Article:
New script makes it easy(ish) to put Windows 10 or 11 on a Raspberry Pi

Enlarge / The Raspberry Pi 4.

Putting in the ARM variations of Home windows 10 or Home windows 11 to an inexpensive Raspberry Pi board has been attainable for a very long time however has at all times required extra time and endurance than it is price. However in case you’re curious, a new script known as “WoR-flasher” (that is Home windows on Raspberry) simplifies the method. WoR-flasher has a easy UI that may create ARM Home windows set up media, which might then be booted up on a Raspberry Pi for set up in the identical means a USB stick created with Microsoft’s instruments can set up Home windows on an x86 PC.

The script’s creator argues that it violates no legal guidelines or Home windows licensing agreements because it downloads all its code immediately from Microsoft’s servers and installs Home windows in an unlicensed, deactivated state, simply as it will set up on a daily x86 PC with no product key. Microsoft solely sells licenses of the ARM variations of Home windows to OEMs. WoR-flasher has formally been examined utilizing the 32-bit model of the Raspberry Pi OS (and that is what I used to create some set up media, too), but it surely ought to run with out concern on any Debian-based Linux distributions.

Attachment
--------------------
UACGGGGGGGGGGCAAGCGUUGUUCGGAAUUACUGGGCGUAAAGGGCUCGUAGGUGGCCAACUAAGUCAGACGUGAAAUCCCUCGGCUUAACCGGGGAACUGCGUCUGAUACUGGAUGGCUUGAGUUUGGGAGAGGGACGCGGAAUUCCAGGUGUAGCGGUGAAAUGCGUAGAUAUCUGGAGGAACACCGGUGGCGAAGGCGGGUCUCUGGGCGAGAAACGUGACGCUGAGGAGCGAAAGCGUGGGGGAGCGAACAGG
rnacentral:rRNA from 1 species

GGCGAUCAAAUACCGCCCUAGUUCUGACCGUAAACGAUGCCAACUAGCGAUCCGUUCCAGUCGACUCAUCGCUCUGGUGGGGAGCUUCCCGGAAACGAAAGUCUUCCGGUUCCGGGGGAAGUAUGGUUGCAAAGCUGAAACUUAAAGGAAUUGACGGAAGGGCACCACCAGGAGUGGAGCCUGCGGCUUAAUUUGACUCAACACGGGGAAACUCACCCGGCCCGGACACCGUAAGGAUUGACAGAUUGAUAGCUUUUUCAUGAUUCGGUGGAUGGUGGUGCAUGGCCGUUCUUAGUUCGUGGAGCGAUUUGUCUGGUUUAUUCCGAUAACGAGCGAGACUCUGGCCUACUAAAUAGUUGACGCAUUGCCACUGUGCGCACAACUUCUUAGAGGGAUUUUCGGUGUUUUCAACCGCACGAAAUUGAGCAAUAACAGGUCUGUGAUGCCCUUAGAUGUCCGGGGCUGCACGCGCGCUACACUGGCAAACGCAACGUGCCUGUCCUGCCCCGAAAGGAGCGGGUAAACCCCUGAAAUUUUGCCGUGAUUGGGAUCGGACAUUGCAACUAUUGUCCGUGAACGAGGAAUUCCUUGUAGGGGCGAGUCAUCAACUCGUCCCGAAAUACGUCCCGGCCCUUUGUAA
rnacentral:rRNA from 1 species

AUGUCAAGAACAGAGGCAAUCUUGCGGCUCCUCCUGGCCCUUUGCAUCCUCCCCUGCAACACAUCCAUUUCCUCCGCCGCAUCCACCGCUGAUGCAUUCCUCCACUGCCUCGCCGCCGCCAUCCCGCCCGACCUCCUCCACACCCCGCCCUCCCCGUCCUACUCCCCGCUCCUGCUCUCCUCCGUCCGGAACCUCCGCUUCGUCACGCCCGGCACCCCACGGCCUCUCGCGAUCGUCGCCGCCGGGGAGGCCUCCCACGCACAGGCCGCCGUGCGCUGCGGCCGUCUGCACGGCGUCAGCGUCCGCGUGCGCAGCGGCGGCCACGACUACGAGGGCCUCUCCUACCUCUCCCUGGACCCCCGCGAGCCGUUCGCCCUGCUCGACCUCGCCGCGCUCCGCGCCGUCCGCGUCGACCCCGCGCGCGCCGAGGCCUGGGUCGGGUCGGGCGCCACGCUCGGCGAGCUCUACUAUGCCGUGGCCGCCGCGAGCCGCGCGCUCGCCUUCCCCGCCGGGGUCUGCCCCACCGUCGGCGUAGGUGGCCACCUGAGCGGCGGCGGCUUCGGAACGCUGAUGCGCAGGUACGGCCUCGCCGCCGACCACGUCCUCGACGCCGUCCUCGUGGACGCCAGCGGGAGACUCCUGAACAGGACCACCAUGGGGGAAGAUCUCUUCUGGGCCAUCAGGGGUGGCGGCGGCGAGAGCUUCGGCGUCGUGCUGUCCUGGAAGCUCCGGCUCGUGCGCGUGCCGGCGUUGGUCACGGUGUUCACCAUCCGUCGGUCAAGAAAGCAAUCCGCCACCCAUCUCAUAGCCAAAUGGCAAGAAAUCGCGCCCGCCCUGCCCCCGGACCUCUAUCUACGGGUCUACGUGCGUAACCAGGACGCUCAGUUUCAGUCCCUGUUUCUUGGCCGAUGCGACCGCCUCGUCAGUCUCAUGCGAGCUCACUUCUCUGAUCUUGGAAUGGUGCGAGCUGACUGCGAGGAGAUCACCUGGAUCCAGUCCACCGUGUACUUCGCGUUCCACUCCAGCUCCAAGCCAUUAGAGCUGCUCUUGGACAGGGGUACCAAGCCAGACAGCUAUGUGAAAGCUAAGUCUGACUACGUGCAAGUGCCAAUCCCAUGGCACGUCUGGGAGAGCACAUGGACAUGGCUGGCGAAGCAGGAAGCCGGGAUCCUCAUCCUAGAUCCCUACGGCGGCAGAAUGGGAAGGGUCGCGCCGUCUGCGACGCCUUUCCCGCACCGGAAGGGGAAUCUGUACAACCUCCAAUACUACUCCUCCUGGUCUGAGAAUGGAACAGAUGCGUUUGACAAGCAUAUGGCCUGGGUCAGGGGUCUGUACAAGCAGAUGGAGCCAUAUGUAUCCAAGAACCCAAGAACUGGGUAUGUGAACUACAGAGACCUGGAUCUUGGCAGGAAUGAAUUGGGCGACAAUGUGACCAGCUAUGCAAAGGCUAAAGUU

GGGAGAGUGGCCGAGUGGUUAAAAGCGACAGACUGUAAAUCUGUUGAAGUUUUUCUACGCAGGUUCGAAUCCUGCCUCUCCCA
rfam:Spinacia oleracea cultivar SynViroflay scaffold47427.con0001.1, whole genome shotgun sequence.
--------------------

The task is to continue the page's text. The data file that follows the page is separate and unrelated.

The one Pi fashions you must even think about putting in Home windows on are the higher-end variations of the Pi 4 with 4GB or 8GB of RAM (with a quick workaround to permit Home windows to see greater than 3GB of RAM). And with these boards, even with a quick microSD card and a processor overclock, Home windows 11 is not going to really feel quick sufficient to make use of as your day-to-day OS. However this software does give builders and fanatics an reasonably priced method to check ARM Home windows apps. Home windows 11 is introducing a brand new ABI known as “ARM64EC” that is designed to simplify the method of porting x86 Home windows apps to ARM by permitting builders to ship apps that use a mixture of ARM and x86_64 code. Home windows will use its built-in x86_64 emulation for any x86_64 code (with the attendant efficiency penalty), whereas the ARM code can run natively at full pace.

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